Thoughts on the MMRCA shortlist.
There has been a lot of surprise, and considerable anguish in Washington, Stockholm and, presumably, Moscow—as well as New Delhi—over the decision by the Ministry of Defence to shortlist the Dassault Rafale and the Eurofighter Typhoon in India’s $10+ billion medium multi-role combat aircraft (MMRCA) competition. The rejection of both American bids—by Boeing of its F-18, and by Lockheed Martin of its F-16—have surprised many who had expected the tender to go American, and thus further consolidate military-technological ties between the United States and India. The belief was that a defence acquisition on this scale would be a political decision, and that there was limited utility in India’s courting the favour—at this juncture—of Western Europe or Russia. Further, many saw a decision to buy American as a quid pro quo of sorts for Washington’s providing India an exception on international civilian nuclear commerce as part of the landmark nuclear agreement between the two countries (“a 123-for-126 trade-off” in the words of one foreign diplomat in Delhi). Certainly, the allure of the MMRCA deal helped many promoters of the U.S.-India relationship in Washington push harder for close ties.
So what happened? First, just as important as political considerations is the question of which aircraft is best suited for the purposes of the Indian air force. Rigourous technical trials were conducted in various climates: Bangalore, Jaisalmer and Leh. At the Leh trials in early 2010, four aircraft performed poorly, including – reportedly – the two American candidates, which were said to have had trouble operating at high altitudes at such low temperatures. In fact, the final short-list should not have been a surprise: Praveen Swami reported the Eurofighter’s front-runner status after trials late last year, and over three months ago, Indian newspapers confirmed that the Eurofighter had finished first and the Rafale second with the Gripen and F-18 rounding off the top four.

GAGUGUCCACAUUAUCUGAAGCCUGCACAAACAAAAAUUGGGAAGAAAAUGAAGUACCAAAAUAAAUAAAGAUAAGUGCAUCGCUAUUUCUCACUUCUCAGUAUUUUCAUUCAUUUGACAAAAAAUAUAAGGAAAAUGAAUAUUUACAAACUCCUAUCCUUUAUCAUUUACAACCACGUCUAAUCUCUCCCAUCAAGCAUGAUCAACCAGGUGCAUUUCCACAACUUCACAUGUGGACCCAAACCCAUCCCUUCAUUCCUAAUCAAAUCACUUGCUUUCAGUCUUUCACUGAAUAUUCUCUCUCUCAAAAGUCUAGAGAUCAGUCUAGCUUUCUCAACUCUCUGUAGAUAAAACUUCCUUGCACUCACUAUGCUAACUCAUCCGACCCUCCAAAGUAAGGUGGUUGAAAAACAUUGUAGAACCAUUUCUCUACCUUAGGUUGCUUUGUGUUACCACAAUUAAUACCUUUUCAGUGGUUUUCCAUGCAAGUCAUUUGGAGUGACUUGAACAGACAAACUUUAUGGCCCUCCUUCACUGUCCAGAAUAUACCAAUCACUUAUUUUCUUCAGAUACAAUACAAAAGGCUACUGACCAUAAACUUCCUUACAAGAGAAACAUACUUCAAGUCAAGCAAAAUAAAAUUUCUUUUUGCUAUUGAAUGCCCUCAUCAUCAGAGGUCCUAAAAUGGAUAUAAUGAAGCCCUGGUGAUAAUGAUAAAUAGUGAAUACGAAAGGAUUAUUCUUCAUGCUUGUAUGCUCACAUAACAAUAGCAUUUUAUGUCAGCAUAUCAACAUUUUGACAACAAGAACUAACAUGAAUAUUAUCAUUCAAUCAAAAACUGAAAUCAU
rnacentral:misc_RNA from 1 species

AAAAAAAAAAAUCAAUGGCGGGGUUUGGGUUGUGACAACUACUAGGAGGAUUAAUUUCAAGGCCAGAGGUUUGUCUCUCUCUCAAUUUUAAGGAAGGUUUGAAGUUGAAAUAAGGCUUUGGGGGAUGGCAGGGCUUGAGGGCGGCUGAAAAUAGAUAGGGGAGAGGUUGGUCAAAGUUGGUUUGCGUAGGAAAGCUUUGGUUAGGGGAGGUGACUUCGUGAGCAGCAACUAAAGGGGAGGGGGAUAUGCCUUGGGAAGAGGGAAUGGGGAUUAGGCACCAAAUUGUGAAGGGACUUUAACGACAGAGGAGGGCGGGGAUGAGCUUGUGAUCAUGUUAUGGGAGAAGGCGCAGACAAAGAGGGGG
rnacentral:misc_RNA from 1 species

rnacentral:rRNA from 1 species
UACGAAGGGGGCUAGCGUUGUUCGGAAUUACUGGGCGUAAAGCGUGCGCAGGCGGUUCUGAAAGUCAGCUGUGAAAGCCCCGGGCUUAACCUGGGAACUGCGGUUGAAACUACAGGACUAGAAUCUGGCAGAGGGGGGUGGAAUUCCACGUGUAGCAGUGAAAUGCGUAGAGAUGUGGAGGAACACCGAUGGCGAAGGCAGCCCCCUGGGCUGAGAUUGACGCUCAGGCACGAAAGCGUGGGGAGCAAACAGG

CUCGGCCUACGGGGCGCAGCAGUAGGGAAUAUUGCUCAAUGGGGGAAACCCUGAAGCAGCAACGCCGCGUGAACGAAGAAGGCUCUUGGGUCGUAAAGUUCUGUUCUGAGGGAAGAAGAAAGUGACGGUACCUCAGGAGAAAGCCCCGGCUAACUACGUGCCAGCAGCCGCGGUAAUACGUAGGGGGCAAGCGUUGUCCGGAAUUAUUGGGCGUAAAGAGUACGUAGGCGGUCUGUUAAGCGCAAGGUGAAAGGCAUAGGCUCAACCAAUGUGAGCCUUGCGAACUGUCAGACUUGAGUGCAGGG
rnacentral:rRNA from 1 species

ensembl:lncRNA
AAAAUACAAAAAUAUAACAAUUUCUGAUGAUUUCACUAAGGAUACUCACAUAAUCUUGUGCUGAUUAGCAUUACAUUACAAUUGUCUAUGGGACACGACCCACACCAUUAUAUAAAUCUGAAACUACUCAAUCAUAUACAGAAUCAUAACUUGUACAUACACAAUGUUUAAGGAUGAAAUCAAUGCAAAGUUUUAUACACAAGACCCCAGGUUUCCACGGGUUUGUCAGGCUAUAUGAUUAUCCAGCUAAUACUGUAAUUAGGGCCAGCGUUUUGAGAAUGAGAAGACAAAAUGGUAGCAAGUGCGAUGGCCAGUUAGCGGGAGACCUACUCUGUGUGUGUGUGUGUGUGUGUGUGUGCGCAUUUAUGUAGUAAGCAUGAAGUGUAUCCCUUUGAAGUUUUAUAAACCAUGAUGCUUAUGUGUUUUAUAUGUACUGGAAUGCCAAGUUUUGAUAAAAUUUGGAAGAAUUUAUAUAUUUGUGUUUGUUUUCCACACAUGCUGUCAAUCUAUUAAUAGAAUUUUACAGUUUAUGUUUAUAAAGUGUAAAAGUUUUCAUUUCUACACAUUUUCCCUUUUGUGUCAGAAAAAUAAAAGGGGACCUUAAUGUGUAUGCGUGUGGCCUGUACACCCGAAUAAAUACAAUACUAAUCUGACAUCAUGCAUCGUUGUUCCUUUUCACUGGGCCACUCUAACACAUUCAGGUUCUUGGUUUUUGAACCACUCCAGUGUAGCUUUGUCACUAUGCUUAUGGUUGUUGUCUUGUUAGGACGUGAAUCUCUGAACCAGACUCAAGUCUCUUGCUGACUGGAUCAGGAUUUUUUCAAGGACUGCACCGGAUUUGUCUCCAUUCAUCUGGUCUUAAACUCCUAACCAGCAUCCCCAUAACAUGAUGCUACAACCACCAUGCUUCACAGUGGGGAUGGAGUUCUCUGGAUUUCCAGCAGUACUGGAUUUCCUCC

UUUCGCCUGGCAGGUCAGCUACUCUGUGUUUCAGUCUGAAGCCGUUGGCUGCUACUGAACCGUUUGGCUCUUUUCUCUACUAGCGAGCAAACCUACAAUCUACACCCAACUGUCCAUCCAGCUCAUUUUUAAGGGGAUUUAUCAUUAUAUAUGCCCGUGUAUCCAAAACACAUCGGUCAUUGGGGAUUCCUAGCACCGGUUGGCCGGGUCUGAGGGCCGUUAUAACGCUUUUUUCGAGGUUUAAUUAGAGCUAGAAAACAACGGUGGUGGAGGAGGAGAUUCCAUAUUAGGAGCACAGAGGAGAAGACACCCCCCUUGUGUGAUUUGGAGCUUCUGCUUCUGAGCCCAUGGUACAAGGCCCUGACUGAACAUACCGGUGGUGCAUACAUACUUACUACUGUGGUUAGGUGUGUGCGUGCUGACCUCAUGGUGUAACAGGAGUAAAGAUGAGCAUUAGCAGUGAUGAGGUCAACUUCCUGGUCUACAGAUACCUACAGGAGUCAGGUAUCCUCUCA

Second, the spectre of corruption—which looms large over the Indian defence acquisition process—proved a double-edged sword for U.S. suppliers. American manufacturers and the U.S. government were fully confident that the comparative transparency of their defense sales process would give them an edge over their Russian and European competitors, still reeling from the legacies of HDW, Gorshkov and Bofors. However, the scandals raging in India related to the Commonwealth Games and the 2G spectrum auction also made it near impossible for the results of technical trials to be overruled by India’s political leaders on non-technical grounds.
Third, although the reliability of the United States as a supplier post-sales may have been an over-exaggerated concern, the United States was not seen as pliable enough on access to technology. European governments positioned themselves as far more accommodating of India’s desires to access high-technologies, and were more willing to tailor their bids to assuage Indian concerns. With both the Eurofighter and the Rafale, the likelihood of India becoming a de facto partner in joint production and development may be far greater. Washington was also seen as overly stringent on end-use monitoring, and the Indian government had been previously criticised—perhaps unfairly—for compromising Indian interests on that front.